Tuesday, 17 May 2011
Bloody-nosed Beetle (Timarcha tenebricosa)
As part of the eMonocot project's outreach activities Paul Wilkin (Kew), Ian Kitching (NHM) and I led two monocot walks as part of the Lyme Regis Fossil Festival.
As well as finding around 30 different monocot species in the undercliffs, there were a few invertebrate finds as well.
The bloody-nosed beetle is a large (for the UK) chrysomelid beetle that can often be seen walking rather clumsily along the ground. When disturbed it puts of potential predators by exuding a bright red/orange secretion from its mouthparts (seen here staining my hand).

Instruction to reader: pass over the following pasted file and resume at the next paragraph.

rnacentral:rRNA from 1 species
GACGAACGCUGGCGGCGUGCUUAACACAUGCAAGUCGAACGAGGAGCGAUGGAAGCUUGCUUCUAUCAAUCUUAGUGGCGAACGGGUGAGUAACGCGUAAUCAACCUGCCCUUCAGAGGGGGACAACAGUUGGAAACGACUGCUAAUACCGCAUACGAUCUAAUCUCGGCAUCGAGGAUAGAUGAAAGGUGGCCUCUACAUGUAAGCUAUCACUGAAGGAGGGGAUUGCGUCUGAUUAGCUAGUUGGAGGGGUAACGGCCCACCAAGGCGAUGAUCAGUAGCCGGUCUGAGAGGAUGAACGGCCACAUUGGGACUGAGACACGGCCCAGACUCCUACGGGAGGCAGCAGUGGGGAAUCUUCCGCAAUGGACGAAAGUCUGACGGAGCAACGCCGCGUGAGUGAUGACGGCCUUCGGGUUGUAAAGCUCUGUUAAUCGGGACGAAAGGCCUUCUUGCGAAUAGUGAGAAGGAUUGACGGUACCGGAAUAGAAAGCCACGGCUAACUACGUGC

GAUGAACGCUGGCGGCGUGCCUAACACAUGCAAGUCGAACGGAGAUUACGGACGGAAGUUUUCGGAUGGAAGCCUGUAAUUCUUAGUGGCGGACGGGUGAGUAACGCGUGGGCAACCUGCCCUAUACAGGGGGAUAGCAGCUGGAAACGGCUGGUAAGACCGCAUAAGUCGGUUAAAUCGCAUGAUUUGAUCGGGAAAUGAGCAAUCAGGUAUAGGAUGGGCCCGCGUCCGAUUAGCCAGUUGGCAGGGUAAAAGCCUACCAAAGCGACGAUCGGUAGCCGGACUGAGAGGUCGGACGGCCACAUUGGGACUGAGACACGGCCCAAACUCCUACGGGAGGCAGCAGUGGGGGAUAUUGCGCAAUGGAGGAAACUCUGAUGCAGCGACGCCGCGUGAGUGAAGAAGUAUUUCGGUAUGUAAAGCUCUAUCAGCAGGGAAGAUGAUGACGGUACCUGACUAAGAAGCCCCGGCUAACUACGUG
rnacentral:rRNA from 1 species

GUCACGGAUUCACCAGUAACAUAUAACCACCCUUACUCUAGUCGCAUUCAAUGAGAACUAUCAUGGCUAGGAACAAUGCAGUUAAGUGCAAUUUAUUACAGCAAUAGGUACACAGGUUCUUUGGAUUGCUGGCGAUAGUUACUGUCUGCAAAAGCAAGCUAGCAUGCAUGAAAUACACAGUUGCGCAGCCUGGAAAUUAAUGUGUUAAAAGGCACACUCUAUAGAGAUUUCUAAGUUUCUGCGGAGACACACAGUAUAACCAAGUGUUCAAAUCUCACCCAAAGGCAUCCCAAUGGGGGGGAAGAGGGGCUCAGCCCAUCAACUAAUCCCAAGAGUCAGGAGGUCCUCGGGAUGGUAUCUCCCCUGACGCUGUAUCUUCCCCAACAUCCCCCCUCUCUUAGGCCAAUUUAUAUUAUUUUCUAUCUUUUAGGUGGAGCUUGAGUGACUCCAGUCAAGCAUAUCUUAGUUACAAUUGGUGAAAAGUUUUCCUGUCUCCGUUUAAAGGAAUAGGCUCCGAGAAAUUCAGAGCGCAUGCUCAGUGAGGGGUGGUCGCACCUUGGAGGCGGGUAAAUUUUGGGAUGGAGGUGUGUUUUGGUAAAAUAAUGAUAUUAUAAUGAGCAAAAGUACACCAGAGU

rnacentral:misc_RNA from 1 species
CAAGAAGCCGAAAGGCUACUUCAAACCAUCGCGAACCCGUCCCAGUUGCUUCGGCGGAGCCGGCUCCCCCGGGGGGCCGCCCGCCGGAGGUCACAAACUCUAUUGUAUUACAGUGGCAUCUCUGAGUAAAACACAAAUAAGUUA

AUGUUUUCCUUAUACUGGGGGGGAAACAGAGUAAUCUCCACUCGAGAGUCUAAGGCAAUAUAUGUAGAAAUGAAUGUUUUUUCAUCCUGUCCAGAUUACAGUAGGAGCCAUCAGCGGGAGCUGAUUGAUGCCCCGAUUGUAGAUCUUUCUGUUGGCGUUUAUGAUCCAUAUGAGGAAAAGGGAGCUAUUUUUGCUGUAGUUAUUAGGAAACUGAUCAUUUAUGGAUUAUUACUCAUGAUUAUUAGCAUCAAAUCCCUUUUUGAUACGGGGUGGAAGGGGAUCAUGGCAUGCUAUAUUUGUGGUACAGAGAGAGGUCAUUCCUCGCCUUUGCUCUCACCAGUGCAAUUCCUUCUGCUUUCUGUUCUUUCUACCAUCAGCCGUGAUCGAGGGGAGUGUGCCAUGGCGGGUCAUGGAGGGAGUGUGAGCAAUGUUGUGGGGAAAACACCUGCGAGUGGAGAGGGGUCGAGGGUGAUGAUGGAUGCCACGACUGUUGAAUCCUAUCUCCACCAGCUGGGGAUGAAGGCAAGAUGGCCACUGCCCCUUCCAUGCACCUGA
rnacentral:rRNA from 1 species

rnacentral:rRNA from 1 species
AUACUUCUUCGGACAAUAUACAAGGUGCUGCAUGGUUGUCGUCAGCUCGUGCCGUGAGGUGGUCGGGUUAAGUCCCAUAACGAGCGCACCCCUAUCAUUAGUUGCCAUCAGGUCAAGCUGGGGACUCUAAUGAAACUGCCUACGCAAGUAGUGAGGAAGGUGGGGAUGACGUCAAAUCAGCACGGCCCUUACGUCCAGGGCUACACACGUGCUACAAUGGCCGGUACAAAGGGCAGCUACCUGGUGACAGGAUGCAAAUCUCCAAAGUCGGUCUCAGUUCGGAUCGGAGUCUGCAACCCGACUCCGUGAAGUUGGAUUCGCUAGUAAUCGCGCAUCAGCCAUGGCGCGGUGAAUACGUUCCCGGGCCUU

I work on projects related to technology and taxonomy at the Natural History Museum, and as an advisor for the International Commission on Zoological Nomenclature. My interests are in entomology (stick insects, cockroaches and insect acoustics) and how technology can change the way research is done in biology and museums. Big fan of open access, open data and open hardware.
Copyright Ed Baker